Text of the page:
An American's Journey North For Cheaper Drugs
Some forty years ago, Dave Jacobs, a native Long Islander still in his teens, ran away to the Canadian north. It was the turbulent 60s. The Vietnam war was raging. Young men were dying. And like thousands of other American boys who, out of conscience, not cowardice, believed that the war was immoral and the draft unjust, Dave fled to Canada.
Settling, for a time, on Vancouver Island, marrying, and beginning to raise a son, Dave longed to return to the America he had grown up in. The America he had loved, and left.
Dave's flight, today forgiven under amnesty, and historically, at least, understandable, if not laudable, was illegal. He was a draft dodger. An outlaw. In blatant violation of the laws of these United States of America.
Today, Dave Jacobs lives, once again, on Long Island, in the house once owned by his parents. He is a gentle, unpretentious man in his early sixties, now fighting another battle, this time, against Parkinson's Disease.
He doesn't talk much about the 60s, his move to Canada, or the Vietnam era. In fact, the Parkinson's has affected his speech to the point where Dave does not talk much at all, about anything, other than his grandchildren.
During the course of the day, Dave takes 6 different medications to help fight his illness. The daily cost of his prescription drugs was in excess of $100. You read that right.
And yes, we said "was," because, recently, Dave became an outlaw once more, fleeing to Canada in blatant violation of the laws of these United States of America.
Nowadays, he crosses the Canadian border, not by foot, under cover of darkness, but rather, via the Internet, from the comfort of his den. His flight is not to avoid the draft or the ravages of war, but to buy the drugs he needs to stay alive, at less than half the cost for the same medications available in this country.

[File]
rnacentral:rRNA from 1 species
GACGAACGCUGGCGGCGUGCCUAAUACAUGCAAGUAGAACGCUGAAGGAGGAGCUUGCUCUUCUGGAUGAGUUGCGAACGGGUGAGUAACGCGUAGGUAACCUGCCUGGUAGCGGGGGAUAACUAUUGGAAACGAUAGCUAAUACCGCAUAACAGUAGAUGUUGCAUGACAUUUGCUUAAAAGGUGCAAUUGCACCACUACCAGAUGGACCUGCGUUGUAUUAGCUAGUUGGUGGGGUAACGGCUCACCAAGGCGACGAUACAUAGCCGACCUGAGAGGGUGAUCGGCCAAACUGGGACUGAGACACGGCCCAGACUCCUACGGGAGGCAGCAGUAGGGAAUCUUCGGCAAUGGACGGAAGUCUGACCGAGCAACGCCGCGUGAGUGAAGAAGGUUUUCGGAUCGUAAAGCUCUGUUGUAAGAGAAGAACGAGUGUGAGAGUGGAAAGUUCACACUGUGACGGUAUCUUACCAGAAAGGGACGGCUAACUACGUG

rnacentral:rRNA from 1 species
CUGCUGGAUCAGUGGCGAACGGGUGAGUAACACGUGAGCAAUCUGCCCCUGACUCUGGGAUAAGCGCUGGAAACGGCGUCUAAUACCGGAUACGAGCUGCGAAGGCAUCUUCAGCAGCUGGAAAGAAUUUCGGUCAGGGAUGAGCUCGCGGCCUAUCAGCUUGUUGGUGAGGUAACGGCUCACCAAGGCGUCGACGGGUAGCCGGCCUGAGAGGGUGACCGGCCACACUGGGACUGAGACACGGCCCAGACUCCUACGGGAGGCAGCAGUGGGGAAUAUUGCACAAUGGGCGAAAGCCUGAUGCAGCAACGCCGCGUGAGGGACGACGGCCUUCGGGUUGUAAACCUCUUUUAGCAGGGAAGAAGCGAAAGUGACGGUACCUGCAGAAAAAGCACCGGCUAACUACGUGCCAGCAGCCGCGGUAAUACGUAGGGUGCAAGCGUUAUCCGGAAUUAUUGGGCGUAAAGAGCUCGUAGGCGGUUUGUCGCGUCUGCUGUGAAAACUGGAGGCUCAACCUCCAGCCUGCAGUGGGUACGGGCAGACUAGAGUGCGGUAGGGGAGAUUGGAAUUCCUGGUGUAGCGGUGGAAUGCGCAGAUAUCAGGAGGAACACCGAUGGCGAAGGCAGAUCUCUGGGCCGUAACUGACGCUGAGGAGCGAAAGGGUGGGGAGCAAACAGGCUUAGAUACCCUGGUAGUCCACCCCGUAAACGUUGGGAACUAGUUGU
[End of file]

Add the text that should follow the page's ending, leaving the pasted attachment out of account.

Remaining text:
Last week, the United States Senate narrowly rejected an Amendment to the health reform legislation that would have legalized the reimportation of drugs from Canada and other foreign countries. Drugs that American pharma sell internationally far below the cost we pay here at home. Drugs that are price-controlled elsewhere, but left to the free-market (read as, the whim of the drug companies) in the U.S.
One could argue, and with considerable merit, that legalizing the reimportation of drugs would be far from the panacea it is often said to be. Economists will tell you that the cost of drugs will necessarily rise elsewhere, including Canada, and that foreign governments may limit the reimportation of American-made drugs, increasing their price.
Of course, this begs the question of how American pharma can get away with selling a pill for $75 when that very same pill costs them a mere 15 cents to manufacture. Yes, we know. They're making up for the expense of R&D, and those failed meds that never made it to market. Surely, greed, and the power of the pharma lobby, with millions for lobbying but barely a dime to contain costs, have nothing to do with it.
For Dave Jacobs, the concern is not so much a matter of who is right -- in big pharma, in Washington, or, for all he cares, in Canada. It's a matter of being able to afford to stay alive.
We're with you, Dave. Godspeed!